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Hong Kong Celebrates Wartime Ukrainian Theater

Blair A. Ruble
Protesters with sign in Cantonese and Ukrainian flag
LONDON, UK—March 6, 2022. Hong Kongers attend a pro-Ukraine protest at Parliament Square in London.

In late October, Blank Space Studio HK joined with the Worldwide Ukrainian Play Readings campaign to bring 12 new texts about the scourge of war to Hong Kong stages. Produced and directed by Donald Chung, Amy Sze, and William Wong, the festival presented six productions from seven directors with 28 actors on two consecutive weekends. It was the largest fundraising event for Ukrainian theater in Asia.

Chung, Sze, and Wong were unfamiliar with Ukrainian theater prior to the Russian invasion last February. Sze was studying for a master’s degree in London. She met a classmate from Moscow with a Ukrainian cultural background and was drawn to the play readings organized by the Worldwide Ukrainian Play Readings Project.

Chung was also in London. As a theater maker, he set out to find Ukrainian plays in bookstores only to be disappointed in how little Londoners and other Europeans knew about their neighbors. Recalling similar disinterest in Hong Kong about events in Thailand, Myanmar, and elsewhere in Asia, Chung began to think about how to use theater to break down walls of unfamiliarity. He too sought out the Worldwide Ukrainian Play Reading Project’s London readings.

Sze and Chung found the Ukrainian plays speaking to themes of resistance and resilience that resonated with their own experience as theater makers in Hong Kong. As Chung says, “deep down, I am searching for a purpose to continue to tell stories during my city’s difficult times. These Ukrainian works have ignited my hope and faith in humanity, which was also what I wanted to share with other Hong Kongers.”

Hong Kong theater leading light William Wong made his own discovery of Ukrainian plays during the weeks following the Russian invasion. While he had never thought of Ukrainian plays before, the opportunity to read Natalya Vorozhbit’s Bad Roads led him to think about what was happening. His Blank Space Studio brought a reading of “Bad Roads” to the local stage shortly after the outbreak of the war.

A center for alternative art, the Blank Space company has brought practitioners from different performing arts together to curate cultural activities to promote exploration of Hong Kong’s art scene. The new Ukrainian plays embody the group’s goals of empowering artists to respond quickly to socio-cultural issues. Wong and Chung enthusiastically responded to Sze’s proposal for a festival of play readings.

Sze and Chung presented excerpts from seven new Ukrainian works: Elena Astaseva’s “Dictionary of Wartime Emotions 1 & 2”; Neda Nezhdana’s “Condensation”; Andrii Bondarenko’s “Survivor Syndrome”; Natalia Blok’s “Fur”; Maksym Kurochkin’s “Red Swallow”; Olga Matsiupa’s “Flowering”; and Polina Pologenceva’s “Save the Light.” All seven were translated by the Worldwide Ukrainian Play Readings Project, which has commissioned more than 100 plays by Ukrainian writers. This work has generated 191 texts in several languages that have been heard at more than 250 readings in more than two dozen countries since the beginning of the war (see previous blog post, “Ukraine, Eurasian Theater’s New Leader”).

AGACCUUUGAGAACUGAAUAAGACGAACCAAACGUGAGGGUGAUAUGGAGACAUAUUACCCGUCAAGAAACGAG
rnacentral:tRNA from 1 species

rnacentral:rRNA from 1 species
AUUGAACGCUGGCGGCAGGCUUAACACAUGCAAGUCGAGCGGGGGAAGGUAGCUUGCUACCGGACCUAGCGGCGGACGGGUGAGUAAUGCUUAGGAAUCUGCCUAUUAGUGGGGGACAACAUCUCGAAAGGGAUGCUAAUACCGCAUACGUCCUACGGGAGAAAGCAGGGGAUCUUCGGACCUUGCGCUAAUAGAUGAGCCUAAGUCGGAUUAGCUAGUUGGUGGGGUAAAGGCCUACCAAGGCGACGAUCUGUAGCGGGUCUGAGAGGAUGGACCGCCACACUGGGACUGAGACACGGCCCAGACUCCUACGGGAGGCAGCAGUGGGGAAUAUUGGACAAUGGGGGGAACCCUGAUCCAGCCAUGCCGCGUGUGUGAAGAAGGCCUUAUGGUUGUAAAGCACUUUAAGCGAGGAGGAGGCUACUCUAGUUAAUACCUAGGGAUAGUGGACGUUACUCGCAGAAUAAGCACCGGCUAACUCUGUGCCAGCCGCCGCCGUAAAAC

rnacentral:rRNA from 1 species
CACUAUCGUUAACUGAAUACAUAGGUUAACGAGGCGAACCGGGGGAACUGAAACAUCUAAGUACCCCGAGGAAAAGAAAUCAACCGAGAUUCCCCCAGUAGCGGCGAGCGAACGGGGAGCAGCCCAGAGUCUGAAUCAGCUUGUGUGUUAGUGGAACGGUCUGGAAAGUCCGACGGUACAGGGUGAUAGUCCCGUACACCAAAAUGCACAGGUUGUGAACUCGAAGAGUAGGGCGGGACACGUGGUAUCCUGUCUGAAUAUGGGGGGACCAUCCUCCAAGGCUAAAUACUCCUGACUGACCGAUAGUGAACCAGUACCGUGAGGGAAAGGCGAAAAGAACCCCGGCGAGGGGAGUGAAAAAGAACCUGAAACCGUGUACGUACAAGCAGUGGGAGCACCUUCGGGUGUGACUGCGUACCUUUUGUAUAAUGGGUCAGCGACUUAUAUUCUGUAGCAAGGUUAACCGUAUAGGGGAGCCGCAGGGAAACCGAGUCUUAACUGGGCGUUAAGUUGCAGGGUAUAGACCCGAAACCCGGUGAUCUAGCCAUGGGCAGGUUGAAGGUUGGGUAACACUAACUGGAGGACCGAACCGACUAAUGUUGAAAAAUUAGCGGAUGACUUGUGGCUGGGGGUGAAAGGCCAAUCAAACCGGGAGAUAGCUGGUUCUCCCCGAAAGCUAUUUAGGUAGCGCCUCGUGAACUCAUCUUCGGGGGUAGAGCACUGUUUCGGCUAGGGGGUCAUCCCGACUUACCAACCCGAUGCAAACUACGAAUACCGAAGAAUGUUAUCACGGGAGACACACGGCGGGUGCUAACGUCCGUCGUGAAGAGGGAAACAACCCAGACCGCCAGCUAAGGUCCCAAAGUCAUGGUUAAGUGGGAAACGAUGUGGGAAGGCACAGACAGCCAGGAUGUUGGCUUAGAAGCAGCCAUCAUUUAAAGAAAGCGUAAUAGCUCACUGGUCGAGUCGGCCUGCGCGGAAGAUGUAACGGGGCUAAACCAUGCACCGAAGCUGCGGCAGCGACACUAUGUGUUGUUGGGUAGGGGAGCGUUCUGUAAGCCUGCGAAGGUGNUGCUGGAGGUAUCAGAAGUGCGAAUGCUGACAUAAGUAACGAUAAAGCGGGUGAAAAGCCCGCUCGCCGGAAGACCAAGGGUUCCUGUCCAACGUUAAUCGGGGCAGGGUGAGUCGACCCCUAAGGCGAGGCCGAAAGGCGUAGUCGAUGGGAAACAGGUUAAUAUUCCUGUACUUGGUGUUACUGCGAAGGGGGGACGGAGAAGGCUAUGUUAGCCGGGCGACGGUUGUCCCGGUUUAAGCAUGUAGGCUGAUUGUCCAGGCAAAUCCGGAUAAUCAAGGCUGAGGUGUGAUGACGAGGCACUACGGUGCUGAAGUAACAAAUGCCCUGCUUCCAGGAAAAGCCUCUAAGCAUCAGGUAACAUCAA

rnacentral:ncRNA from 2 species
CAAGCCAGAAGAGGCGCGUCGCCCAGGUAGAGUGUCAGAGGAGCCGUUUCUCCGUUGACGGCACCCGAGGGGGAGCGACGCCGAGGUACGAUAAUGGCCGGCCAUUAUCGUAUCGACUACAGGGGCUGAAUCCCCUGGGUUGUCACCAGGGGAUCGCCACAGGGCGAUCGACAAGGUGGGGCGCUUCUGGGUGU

Each of the plays in October’s festival has been translated into Cantonese and performed with English subtitles. They each reflect the impact of the war on Ukrainian life and speak to human emotions which transcend time, place, and culture. While speaking of Ukraine, the playwrights often speak to the traumas of life in Hong Kong and elsewhere.

Nezhdana’s “Condensation,” for example, explores the efforts of four women who did not know one another to find a way to survive even as they do not—and do not want to—remember how they ended up sharing the same six-sided dark room. They are unable to see their fingers, the sky, or the ground outside. Their journey, from screaming in terror to retracing their paths stage by stage, leads the protagonists to realize that the road to survival is within themselves.

In Natalia Blok’s “Fur,” an ordinary woman decides to start a new life, taking her children on countless night trains to some indeterminate location. One day, inexplicable brown spots—symbolic of the ache of war—grow on her dull and painful thighs. At first worried about beauty, the woman comes to feel comparatively lucky as others suffer greater tragedy as a result of war.